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Buckshot, as its name suggests, is shot for bucks. A load of buckshot consists of a few very large pellets loaded into a shotgun shell. It works on bucks, and it works on does, too, of course. At close ranges inside 50 yards, buckshot is lethal on thin-skinned targets, from bobcats to coyotes to leopards to people. Buckshot can turn a mild-mannered bird gun into a fearsome close-range weapon.

The large pellet size of buckshot makes it effective. It comes in sizes as large as .36 caliber—the diameter of a 9mm bullet—and a 12-gauge hull can hold eight of those .36 caliber, 000 pellets, or more smaller buckshot pellets. When a load of buckshot strikes a target at close range, it makes several wounds within a few inches of one another, and the results are devastating.

The line between buckshot and birdshot falls between F shot, the largest bird shot, which is .22 caliber, and No. 4 buckshot, which measures .24 inches. No. 4 is the smallest buckshot size. In American nomenclature, buckshot sizes run 4, 3, 2, 1, 0, 00, 000 (known as “single-, double-, and triple-ought”). In England and Europe, buckshot nomenclature follows a different system—LG (large grape, originating from musket shooting), MG (medium grape), SG (small grape), SSG (small small grape), and all the way down to SSSG. Within this system, SSG is the equivalent of 00 buck, and similarly the most popular among shooters.

What is buckshot, and what can it do?

Photo of a home defense shotgun and buckshot shells
At close range, buckshot will prove effective on predators like coyotes and foxes, game animals like whitetails, and humans as well, if you use a shotgun for home defense. Adobe Stock / solidmaks

Buckshot is at its most effective inside 50 yards, and it’s best at closer ranges. Within 50 yards, it’s a lethal cartridge for all manner of thin-skinned targets: predators like coyotes and foxes, game animals like whitetails, and humans as well, if you use a shotgun for home defense. The multiple wounds caused by a load of buck have been compared to getting shot by several pistols at once. That’s not entirely accurate, as pistol bullets have more velocity and energy than buck shot pellets, but buckshot can still penetrate to vital organs, and a buckshot wound is as serious as gunshot wounds get.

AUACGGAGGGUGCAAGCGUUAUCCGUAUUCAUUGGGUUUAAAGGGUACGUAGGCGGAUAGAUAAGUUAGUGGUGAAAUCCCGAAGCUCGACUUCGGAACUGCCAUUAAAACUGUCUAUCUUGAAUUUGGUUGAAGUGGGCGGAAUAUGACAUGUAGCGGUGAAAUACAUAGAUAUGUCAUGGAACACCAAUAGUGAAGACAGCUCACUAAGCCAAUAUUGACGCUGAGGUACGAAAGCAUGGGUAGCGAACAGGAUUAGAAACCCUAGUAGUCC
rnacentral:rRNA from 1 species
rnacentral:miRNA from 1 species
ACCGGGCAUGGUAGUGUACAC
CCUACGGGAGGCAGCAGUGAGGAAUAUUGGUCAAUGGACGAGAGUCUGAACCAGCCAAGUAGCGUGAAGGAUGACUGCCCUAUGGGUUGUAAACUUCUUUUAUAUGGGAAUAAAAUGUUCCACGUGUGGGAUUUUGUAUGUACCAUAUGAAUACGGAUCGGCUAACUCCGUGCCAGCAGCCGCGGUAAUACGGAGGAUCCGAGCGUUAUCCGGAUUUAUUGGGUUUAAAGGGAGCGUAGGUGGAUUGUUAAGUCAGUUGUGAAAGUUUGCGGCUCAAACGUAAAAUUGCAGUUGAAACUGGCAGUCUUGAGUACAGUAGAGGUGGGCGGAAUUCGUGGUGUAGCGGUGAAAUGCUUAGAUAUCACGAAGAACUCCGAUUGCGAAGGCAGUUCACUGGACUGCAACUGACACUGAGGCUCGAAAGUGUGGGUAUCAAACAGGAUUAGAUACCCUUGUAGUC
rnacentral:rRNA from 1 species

What can’t it do?

Because the pellets are soft, round lead, even the best buckshot doesn’t penetrate thick hides well. Therefore, while buckshot is lethal to thin-skinned game, as well as to humans, it is not a good choice for animals like pigs and bears. If you’re after thick-skinned game with a shotgun, you’re much better off shooting a slug than buckshot. 

Despite what you see in the movies, buckshot doesn’t pick up its victims and fling them backward. Nor, again per the movies, is buckshot an area weapon. You can’t point a shotgun in the general direction of a target and expect to hit it, especially at close range, as in a home defense situation. Buckshot follows the same physical rules as smaller shot does: it starts out as a near-slug of bore diameter and spreads as it encounters air resistance as it flies downrange. At some point in its flight, the pattern becomes too open to hit a target reliably. Also, it doesn’t matter if a shotgun has no choke, and/or a sawed-off barrel. The pattern will still be practically fist-tight at across the room distances.